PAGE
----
Since their introduction a number of benefits from using lingual orthodontic appliances have been claimed, less visibility, fewer white spot lesions and caries, lighter forces being required, less anchorage loss and improved comfort. Disadvantages are said to include insertion of appliances increased chairside time and laboratory costs and poorer outcomes
The aim of this review was to compare the treatment effects of lingual orthodontic appliances with labial orthodontic appliances.
Searches were conducted in the Medline, Cochrane Library, Virtual Health Library, Web of Science, Scopus, Google Scholar, ClinicalTrials.gov, and the ISRCTN registry databases with no limitations on language, or date of publication.
Parallel or split-mouth randomised and non-randomised prospective controlled trials, comparing any lingual appliance with any labial appliance and assessing therapeutic effects (both effectiveness and efficiency) or adverse effects were considered.
Initial screening and selection was carried out by one reviewer and checked by a second reviewer. Two reviewers carried out data abstraction and risk of bias assessment independently. Bias in individual studies was assessed using the Cochrane tool and overall quality was assessed using the Grading of Recommendations Assessment, Development and Evaluation (GRADE) approach. Random-effects meta-analyses were conducted, followed by subgroup and sensitivity analyses.
- 11 studies involving a total of 407 patients were included, 4 RCTs (3 parallel, 1 split mouth design) 7 prospective studies.
- The majority (73%) of the lingual appliance groups and all (100%) of the labial appliance groups used prefabricated appliances.
- Serious methodological inadequacies were found in all trials for at least one bias domain
- Compared with labial appliances, lingual appliances were associated with increased overall oral discomfort, increased speech impediment (measured using auditory analysis), worse speech performance assessed by laypersons, increased eating difficulty, and decreased intermolar width.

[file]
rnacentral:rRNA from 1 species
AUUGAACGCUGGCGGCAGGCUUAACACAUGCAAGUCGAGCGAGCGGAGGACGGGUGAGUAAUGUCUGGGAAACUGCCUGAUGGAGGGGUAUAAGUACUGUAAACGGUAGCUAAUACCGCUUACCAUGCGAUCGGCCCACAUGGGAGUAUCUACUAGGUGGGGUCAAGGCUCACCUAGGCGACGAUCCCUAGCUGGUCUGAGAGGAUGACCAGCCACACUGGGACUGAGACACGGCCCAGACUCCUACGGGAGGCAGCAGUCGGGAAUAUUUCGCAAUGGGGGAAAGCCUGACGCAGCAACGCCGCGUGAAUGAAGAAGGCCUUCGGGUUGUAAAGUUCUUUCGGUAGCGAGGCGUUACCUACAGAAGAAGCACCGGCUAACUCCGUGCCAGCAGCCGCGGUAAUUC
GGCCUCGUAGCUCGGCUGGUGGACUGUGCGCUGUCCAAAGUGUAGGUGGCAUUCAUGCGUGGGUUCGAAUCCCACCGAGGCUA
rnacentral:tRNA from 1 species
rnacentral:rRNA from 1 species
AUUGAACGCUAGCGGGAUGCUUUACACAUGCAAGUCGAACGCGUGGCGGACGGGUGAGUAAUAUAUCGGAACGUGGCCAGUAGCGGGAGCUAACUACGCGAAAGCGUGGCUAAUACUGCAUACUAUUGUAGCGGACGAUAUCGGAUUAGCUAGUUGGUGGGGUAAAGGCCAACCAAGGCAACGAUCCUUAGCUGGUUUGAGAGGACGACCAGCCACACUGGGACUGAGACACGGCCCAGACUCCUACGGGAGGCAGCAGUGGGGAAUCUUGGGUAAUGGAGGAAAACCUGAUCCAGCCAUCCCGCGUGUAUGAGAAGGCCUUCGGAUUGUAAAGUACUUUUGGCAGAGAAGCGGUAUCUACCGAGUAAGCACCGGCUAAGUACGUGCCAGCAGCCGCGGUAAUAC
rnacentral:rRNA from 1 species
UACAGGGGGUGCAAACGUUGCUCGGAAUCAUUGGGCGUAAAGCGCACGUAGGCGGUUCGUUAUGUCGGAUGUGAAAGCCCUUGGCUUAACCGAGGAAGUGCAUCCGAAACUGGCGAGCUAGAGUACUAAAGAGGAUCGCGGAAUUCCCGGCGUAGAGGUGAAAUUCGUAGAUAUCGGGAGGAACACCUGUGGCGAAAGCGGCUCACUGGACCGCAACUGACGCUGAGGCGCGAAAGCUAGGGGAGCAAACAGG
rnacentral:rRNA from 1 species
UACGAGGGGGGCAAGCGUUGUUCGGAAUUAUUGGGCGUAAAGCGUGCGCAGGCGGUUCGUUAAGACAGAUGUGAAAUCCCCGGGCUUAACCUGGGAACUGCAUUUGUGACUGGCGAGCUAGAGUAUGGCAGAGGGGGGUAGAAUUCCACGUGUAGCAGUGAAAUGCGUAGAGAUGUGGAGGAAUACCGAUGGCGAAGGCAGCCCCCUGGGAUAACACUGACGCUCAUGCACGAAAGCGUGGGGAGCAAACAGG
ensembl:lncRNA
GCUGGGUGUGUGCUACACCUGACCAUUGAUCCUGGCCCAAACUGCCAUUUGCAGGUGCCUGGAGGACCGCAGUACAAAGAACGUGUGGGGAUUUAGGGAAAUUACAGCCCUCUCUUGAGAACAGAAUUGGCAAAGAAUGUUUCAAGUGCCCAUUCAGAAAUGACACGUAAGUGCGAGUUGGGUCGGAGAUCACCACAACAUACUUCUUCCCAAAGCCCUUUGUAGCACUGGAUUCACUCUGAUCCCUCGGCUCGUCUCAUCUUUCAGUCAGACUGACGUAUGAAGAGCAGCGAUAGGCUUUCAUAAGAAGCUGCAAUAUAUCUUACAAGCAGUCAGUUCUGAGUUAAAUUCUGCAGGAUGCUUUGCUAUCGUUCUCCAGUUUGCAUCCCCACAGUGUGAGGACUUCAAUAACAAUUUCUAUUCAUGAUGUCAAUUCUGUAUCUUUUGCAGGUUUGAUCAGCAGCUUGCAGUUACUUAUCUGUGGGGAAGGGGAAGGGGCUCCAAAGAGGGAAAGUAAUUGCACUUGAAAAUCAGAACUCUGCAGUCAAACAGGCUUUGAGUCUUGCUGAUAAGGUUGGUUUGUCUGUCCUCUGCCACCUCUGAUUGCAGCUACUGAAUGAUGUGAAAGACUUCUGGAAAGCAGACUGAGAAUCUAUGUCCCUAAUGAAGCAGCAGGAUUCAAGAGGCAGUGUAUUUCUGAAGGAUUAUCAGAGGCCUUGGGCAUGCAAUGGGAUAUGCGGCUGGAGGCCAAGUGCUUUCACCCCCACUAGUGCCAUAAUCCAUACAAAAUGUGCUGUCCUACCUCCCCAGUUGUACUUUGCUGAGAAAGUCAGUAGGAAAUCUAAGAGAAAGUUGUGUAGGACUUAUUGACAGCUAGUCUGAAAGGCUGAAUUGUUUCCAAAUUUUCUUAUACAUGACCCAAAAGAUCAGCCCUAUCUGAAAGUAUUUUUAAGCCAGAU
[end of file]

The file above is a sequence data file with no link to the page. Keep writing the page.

- Lingual appliances were associated with increased intercanine width and significantly decreased anchorage loss of the maxillary first molar during space closure.
- The quality of all analyses included was judged as very low because of the high risk of bias of the included trials, inconsistency, and imprecision.
The authors concluded:-
Based on existing trials, there is insufficient evidence to make robust recommendations for lingual fixed orthodontic appliances regarding their therapeutic or adverse effects, as the quality of evidence was low.
An earlier review by Mistakidis et al (Dental Elf – 25th Sept 2015) also looked at this topic. Their inclusion criteria were broader and they included 11 retrospective studies and 5 trials although they only considered one of those to be randomised. Three of the studies included by Mistakidis were included in the present review. While this review suggests some positive outcomes from lingual appliances, as does the earlier review, both raise concerns regarding the quality of the available evidence to support the effectiveness of lingual appliance therapy. Ideally high quality randomised controlled trials should be conducted that include assessment of patient focused outcomes as well as adverse effects.
Papageorgiou SN, Gölz L, Jäger A, Eliades T, Bourauel C. Lingual vs. labial fixed orthodontic appliances: systematic review and meta-analysis of treatment effects. Eur J Oral Sci. 2016 Apr;124(2):105-18. doi: 10.1111/eos.12250. Epub 2016 Feb 25. Review. PubMed PMID: 26916846.